Although Booker believes a more progressive candidate such as himself would have had a better chance than McGrath in 2020, Kondik countered that Booker “wouldn’t have won that race or even come close,” considering the partisan trends across the country and within Kentucky.
“Booker did have a theory of the election and the electorate that was definitely different than McGrath’s, so he’s going to get a chance to sort of try to prove that theory,” Kondik said. “I think he’s a … credible candidate who obviously is going to get a lot of national attention, but we still see it as the safe Republican race until we get compelling evidence otherwise.”
The Paul campaign, National Republican Senate Committee and Republican Party of Kentucky have issued near identical statements since Booker formed his exploratory committee in April, saying he is out of step with Kentuckians’ values, wanting to defund the police and take away their gun rights, with the NRSC calling him “a proud socialist.”
Paul’s campaign has also touted the endorsement of former President Donald Trump — who won Kentucky by blowout margins in 2016 and 2020 — saying the senator had a “proven record of fighting the liberal Washington agenda.”
Following Booker’s announcement, Paul issued a statement saying: “I just don’t think defunding the police and forcing taxpayers to pay for reparations will be very popular in Kentucky.”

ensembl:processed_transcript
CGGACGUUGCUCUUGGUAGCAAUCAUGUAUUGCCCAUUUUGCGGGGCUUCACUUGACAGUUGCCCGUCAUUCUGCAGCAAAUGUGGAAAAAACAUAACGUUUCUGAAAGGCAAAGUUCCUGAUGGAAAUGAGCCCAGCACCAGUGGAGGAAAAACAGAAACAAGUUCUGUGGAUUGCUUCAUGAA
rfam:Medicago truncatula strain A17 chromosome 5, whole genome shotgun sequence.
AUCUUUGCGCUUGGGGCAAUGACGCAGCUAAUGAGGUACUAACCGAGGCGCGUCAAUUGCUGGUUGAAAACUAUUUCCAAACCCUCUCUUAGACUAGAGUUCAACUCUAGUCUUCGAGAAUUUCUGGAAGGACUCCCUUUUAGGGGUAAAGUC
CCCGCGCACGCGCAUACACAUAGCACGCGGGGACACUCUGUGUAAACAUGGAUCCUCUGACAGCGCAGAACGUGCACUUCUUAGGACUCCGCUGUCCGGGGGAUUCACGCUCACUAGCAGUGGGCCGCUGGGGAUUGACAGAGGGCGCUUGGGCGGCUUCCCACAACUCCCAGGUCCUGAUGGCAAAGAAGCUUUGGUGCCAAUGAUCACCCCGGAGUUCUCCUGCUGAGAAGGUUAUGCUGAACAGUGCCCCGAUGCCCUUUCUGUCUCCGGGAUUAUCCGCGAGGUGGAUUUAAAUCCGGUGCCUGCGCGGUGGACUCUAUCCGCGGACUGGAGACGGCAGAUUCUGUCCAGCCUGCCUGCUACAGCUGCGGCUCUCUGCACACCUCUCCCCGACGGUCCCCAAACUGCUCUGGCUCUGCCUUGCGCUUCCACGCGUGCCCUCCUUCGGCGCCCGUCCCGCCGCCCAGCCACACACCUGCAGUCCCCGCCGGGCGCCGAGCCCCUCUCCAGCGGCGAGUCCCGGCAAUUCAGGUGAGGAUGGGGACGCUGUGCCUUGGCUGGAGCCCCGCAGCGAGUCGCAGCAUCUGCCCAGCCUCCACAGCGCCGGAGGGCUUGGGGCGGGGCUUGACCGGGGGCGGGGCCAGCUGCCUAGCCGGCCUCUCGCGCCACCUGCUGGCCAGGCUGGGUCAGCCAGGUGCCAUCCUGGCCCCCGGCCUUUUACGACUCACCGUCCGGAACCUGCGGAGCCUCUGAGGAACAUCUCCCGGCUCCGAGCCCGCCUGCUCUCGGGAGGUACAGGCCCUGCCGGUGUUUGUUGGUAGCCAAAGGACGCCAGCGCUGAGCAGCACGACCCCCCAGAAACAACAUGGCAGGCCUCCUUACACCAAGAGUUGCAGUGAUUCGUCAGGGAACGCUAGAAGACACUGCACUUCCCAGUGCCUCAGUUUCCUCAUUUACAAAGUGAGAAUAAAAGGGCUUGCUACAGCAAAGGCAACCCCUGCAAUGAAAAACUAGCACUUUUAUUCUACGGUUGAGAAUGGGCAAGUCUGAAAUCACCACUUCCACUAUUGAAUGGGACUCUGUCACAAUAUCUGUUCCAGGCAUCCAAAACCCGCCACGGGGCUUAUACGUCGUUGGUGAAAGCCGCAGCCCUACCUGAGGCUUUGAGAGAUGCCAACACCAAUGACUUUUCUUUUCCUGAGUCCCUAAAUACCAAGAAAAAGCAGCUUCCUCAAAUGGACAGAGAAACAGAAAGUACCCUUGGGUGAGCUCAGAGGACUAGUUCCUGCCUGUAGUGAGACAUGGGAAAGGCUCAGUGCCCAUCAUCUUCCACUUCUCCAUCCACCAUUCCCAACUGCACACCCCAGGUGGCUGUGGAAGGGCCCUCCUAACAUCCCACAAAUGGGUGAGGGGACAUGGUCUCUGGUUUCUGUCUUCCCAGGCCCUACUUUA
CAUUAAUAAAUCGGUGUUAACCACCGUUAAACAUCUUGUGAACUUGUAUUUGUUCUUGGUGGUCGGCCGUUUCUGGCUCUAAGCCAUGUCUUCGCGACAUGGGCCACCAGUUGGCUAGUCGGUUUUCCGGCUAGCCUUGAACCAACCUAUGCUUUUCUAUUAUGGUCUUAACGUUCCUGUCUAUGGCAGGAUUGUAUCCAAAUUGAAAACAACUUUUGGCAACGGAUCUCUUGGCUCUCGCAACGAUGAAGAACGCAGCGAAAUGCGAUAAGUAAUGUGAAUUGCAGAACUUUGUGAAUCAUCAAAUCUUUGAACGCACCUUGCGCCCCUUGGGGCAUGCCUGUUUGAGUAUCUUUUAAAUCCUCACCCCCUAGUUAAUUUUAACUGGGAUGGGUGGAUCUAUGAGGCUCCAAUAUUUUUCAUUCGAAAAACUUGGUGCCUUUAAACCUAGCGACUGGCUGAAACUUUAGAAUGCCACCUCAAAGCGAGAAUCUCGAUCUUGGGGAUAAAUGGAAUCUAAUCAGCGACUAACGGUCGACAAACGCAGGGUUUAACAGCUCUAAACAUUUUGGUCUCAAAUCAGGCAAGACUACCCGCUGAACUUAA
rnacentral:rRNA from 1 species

Paul made a couple stops in Louisville Thursday — first at Midwest Church of Christ for a prayer breakfast and later a luncheon for the Rotary Club of Louisville, where he and local activist Christopher 2X spoke about longstanding problems with violence and how that impacts children.
When The Courier Journal asked what he thinks of Booker’s platform on issues like making prescriptions more affordable, Paul said the only thing he’s heard so far is that Booker is for defunding the police.
In a kickoff rally speech that was full of criticism for Paul, Booker said his GOP attackers play up fear and call him radical “because they don’t want you to know that they are not investing in our communities… They want you to think that the government working for you is a bad thing.”
“You know why Rand Paul is talking about reparations so much?” Booker asked. “Because he doesn’t want you to know that your government has not been making sure you have justice, that your government has not been accountable to you.”
Booker expressed confidence that he would not just shock many political observers by beating Paul, but “build infrastructure to transform our future at the local, state, federal level across the board.”
Booker said he is almost finished writing his memoir that will be published early next year, and is expecting the birth of his third daughter, Justyce, “in a couple of weeks.”